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Carroll sets out to bust DTV audio myths

A few weeks ago, a press release from Linear Acoustic announced the kickoff of a nationwide tour to bust commonly held myths among broadcasters about DTV audio.

That seemed like a worthwhile goal given the continuing saga of broadcasters dealing with inconsistencies in loudness and lip sync problems. Add to that questions broadcasters have about what to do with HDTV’s 5.1 surround-sound channels, and it only seemed appropriate to speak with Tim Carroll, president and founder of Linear Acoustic, about the tour and the DTV audio misconceptions the company is finding.

HD Technology Update: About a month ago, Linear Acoustic announced its nationwide Myth Busters Tour aimed at addressing DTV audio misconceptions. Before you began the tour, what did you view as the top three or four DTV audio misconceptions? Are they playing out as the top misconceptions as you make visits during the tour?

Tim Carroll: Stations are realizing the simple fact that they have processing for analog television and need processing for digital television as well, and this new breed of processor must be able to handle loudness control for stereo and surround-sound programs, support metadata and provide ATSC-required audio encoding. Having it all in a carefully tuned integrated box makes it plug-and-play and far more cost-effective — this eliminates the need to make a hodgepodge of cards work or using old-style processing based on the completely different world of analog broadcast.

HD Technology Update: What are the top sources of DTV loudness problems? What strategy or strategies do you recommend for correcting them?

Tim Carroll: In the U.S., we have found that loudness problems crop up in many areas but seem to be concentrated at the local stations, which are burdened with integrating content from network and a myriad of local sources. Our strategy is to get loudness correct at each stage. By focusing on the different needs of ingest, local production and transmission, loudness is fixed, and the quality of the content is preserved. This is in harmony with the direction of the ATSC subcommittee on loudness, chaired by Jim Starzynski of NBC.

HD Technology Update: To what degree are broadcasters responsible for the loudness issue? How responsible are cable, satellite and IPTV headends for the issue?

Tim Carroll: According to ATSC specification A/53B Section 5.5, the proper loudness of programs must be indicated, thus allowing decoders to normalize program loudness. FCC rules in CFR 47 Section 73.682 state that as of Feb. 1, 2005, “transmission of digital television (DTV) signal shall comply with the standards for such transmissions set forth in ATSC Doc. A/53B.” This makes it the law of the land for FCC-licensed terrestrial broadcast TV stations. As cable, satellite and IPTV headends are receiving these terrestrial signals by some means, it seems that if the station is compliant, then retransmission should be smooth.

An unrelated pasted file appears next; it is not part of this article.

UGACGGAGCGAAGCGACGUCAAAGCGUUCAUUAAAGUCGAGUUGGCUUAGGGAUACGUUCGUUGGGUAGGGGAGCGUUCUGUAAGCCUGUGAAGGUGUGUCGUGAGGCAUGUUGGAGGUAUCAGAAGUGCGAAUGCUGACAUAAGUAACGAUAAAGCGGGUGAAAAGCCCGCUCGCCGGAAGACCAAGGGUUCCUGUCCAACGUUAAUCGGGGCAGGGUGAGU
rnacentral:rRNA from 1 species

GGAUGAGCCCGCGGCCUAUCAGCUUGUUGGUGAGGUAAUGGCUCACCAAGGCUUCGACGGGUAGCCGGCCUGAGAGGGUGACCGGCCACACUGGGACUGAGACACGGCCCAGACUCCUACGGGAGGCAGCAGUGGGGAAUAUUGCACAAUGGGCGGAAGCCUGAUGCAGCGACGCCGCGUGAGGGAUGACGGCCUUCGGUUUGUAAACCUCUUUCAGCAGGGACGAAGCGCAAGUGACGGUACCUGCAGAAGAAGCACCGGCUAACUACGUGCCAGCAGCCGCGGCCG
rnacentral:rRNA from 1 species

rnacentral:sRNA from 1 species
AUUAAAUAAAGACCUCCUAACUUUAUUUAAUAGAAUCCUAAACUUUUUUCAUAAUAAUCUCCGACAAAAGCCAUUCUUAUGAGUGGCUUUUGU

HD Technology Update: Lip sync problems can be a major problem in DTV. Is it sufficient to identify and compensate for signal processing delays introduced throughout the broadcast chain (encoding, decoding, etc.), or is there a bigger issue in play, specifically something about MPEG-2 that inherently is responsible for the drift?

Tim Carroll: Like loudness, lip sync also needs to be fixed at each stage — catching it at the end is ineffective and will still result in uncorrectable variations. As for MPEG-2 issues, while the jury is still out, there has been some recent compelling evidence to suggest that there may be issues in certain implementations of MPEG-2 encoding itself.

HD Technology Update: Even if broadcasters offering local HD newscasts choose to continue offering stereo — at least initially — what steps should they be taking to plan for a 5.1 surround eventuality? Or, will there be no place for 5.1 surround in news?

Tim Carroll: There are many good reasons for 5.1 channel audio in news. Even if the mix is as simple as dialogue in the center and natural sound in left front and right front, this is far more compelling than mono sent only to the center channel and is hardly more complex to create. Upmixing and special processing can even help automate this, so that mixers do not need to change practice and can ease into 5.1 as their markets demand.

HD Technology Update: What else would you like to add?

Tim Carroll: It amazes me that the ATSC standard was adopted nearly 13 years ago, and we are now down to the wire with analog cutoff being very close at hand with so many loudness issues that remain. As it is imperative that a TV station have protection processing for its analog path, it is equally imperative that the digital path be given the same treatment with modern tools designed specifically for this task. We will continue to develop products that not only solve these problems simply and logically, but also do so within the budget of every station.

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